¶19 French v. New Jersey School Bd. Assoc. Ins. Group, 694 A.2d 1008 (N.J. 1997), is also inapposite. There, plaintiff, the injured insured, was trying to tack her employer's UM coverage to her personal UM policy's coverage so that there would be a "gap" between the tortfeasor's policy limits and plaintiff could collect from the UM carriers. Once again, there was no issue as to the priority of payment between a UM carrier and an excess carrier.

¶20 In Government Employees Ins. Co. v. Annamantadoo, 302 A.D.2d 460 (N.Y. 2003), the excess liability carrier had disclaimed but the tortfeasor's total coverage would have still been less than plaintiff's UM coverage even if the excess carrier had not disclaimed. The New York court accepted the liability carrier's disclaimer so it did not reach the issue that would have been pertinent here: whether excess coverage must be exhausted as a prerequisite to the UM carrier becoming liable on its policy.

CONCLUSION

¶21 In order to fully answer the question certified to us here it was necessary to first determine whether NPIC's policy required that UM coverage would be part of the primary coverage to which the NPIC policy was excess. As a matter of Oklahoma law NPIC's excess liability policy required UM coverage of the sort that the Chubbucks bought from GEICO. Further, such coverage was primary while NPIC's excess coverage was secondary. "If language of a contract is clear and free of ambiguity the court is to interpret it as a matter of law . . . . Whether a contract is ambiguous and hence requires extrinsic evidence to clarify the doubt is a question of law for the courts." Pitco Production Company v/ Chaparral Energy, Inc., 2003 OK 5, ¶ 12, 63 P.2d 541, 545. [Footnotes omitted.] NPIC's policy language was unambiguous. Thus, we declare its meaning is a matter of law: the UM coverage contained in GEICO's automobile policy was part of the primary coverage and NPIC's policy was secondary to it.

¶22 Title 36 O.S. 2001 § 3636 does not contemplate that excess liability policies of the sort issued by NPIC are to be included in determining the "liability limits" of "an insured motor vehicle," as those terms are used in § 3636. Section 3636 applies only to "primary liability policies insuring against liability arising from ownership, maintenance, or operation of an automobile. . . ." Moser v. Liberty Mutual Ins. Co., 1986 OK 78, ¶ 5, n.8, 731 P.2d 406. "The uninsured motorist provisions apply to all automobile liability insurance policies (or motor vehicle liability policies as defined in 47 O.S. § 7-324) but not to 'umbrella' policies. . . ." Moser at ¶ 8. [Footnote omitted, emphasis added.] Despite differences in Moser from the situation presented here, we clearly stated there that § 3636 does not apply to excess liability policies of the sort at issue here. Thus, we find the Moser opinion instructive and hold that § 3636(C) does not apply to excess liability policies.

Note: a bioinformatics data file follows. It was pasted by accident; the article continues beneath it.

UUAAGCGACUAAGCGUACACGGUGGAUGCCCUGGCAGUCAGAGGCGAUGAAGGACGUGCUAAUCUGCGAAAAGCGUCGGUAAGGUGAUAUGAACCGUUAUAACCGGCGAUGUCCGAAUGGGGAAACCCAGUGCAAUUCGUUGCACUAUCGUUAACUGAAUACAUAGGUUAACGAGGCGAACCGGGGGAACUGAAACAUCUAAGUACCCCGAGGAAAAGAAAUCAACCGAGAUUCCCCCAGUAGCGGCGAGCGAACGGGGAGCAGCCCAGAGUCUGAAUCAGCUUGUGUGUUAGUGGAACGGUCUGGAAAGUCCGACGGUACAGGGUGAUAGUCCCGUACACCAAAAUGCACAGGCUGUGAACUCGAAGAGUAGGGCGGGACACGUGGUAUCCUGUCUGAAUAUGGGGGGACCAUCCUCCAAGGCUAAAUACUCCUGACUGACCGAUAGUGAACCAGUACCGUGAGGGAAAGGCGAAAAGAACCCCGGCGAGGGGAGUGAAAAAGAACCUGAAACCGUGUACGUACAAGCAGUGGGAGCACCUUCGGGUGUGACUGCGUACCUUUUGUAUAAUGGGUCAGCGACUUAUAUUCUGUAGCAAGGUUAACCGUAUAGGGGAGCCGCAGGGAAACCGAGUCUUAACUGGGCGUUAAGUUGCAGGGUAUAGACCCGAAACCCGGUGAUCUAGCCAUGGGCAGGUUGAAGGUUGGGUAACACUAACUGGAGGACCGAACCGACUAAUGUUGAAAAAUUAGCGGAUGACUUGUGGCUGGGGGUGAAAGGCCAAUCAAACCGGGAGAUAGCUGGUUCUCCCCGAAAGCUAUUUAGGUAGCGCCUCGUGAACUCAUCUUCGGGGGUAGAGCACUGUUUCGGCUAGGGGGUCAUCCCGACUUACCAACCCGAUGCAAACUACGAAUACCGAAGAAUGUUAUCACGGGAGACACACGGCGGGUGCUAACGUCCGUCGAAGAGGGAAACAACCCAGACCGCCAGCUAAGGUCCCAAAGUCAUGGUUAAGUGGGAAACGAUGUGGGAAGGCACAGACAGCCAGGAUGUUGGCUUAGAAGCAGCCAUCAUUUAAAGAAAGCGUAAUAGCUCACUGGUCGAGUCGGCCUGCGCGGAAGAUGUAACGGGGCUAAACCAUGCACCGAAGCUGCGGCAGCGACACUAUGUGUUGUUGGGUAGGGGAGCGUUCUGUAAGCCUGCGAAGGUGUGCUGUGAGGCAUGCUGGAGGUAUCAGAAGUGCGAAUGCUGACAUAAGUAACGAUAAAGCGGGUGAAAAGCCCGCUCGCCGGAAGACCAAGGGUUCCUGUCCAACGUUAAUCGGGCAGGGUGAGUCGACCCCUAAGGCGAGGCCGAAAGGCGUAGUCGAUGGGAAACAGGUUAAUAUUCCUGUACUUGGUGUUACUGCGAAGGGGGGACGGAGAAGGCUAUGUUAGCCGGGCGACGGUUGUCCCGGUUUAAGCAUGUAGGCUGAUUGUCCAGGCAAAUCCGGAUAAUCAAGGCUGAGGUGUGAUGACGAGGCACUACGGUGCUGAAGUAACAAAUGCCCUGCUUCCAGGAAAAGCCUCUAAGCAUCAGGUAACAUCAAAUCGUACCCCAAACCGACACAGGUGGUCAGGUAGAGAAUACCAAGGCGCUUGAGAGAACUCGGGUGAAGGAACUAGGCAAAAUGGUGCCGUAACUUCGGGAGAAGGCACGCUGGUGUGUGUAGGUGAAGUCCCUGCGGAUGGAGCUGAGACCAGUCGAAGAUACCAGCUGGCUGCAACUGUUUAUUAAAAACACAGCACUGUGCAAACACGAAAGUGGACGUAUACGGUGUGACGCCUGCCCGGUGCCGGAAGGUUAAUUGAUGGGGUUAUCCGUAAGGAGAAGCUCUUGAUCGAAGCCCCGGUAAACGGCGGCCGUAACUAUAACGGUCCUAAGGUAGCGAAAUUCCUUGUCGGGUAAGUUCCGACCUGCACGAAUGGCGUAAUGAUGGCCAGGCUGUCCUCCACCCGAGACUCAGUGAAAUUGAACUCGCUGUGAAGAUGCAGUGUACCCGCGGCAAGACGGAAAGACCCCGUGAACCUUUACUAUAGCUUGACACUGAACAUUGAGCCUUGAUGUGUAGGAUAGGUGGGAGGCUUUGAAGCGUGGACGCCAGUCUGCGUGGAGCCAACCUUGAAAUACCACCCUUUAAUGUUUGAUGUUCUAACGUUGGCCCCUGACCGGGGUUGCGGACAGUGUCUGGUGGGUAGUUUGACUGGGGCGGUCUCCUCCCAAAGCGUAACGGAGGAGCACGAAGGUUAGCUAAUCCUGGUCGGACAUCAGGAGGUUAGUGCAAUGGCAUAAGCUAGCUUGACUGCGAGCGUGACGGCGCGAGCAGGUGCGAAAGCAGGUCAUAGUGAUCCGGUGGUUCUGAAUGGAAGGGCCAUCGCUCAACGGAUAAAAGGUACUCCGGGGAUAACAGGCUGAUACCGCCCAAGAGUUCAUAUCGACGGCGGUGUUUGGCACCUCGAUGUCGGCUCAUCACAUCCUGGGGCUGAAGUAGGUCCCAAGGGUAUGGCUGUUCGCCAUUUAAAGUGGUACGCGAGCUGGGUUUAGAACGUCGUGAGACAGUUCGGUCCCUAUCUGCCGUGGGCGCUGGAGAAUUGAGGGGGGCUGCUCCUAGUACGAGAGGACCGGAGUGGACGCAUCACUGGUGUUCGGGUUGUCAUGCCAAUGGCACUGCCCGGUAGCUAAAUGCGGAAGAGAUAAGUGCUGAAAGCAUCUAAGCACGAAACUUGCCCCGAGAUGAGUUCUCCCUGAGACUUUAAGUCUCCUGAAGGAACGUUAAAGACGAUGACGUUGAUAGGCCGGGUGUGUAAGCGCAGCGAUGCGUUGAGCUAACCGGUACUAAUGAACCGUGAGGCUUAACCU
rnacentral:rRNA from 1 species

¶23 The opinions cited by GEICO from other jurisdictions are inapposite to the issue presented here because those opinions involved the interpretation of "gap" coverage UM statutes. None of those opinions considered the issue before us here: the priority of payment between a UM carrier and an excess liability carrier.

CERTIFIED QUESTION ANSWERED

WATT, C.J., WINCHESTER, V.C.J., OPALA, KAUGER, EDMONDSON, TAYLOR, COLBERT, JJ. - concur.

LAVENDER, HARGRAVE, JJ. - concur in result.

FOOTNOTES

1 Title 36 O.S.§ 3636 has been amended on several occasions since 2001 but subsection C of the statute was not changed. Section 3636(C) provides:

For the purposes of this coverage the term "uninsured motor vehicle" shall include an insured motor vehicle where the liability insurer thereof is unable to make payment with respect to the legal liability of its insured within the limits specified therein because of insolvency. For the purposes of this coverage the term "uninsured motor vehicle" shall also include an insured motor vehicle, the liability limits of which are less than the amount of the claim of the person or persons making such claim, regardless of the amount of coverage of either of the parties in relation to each other.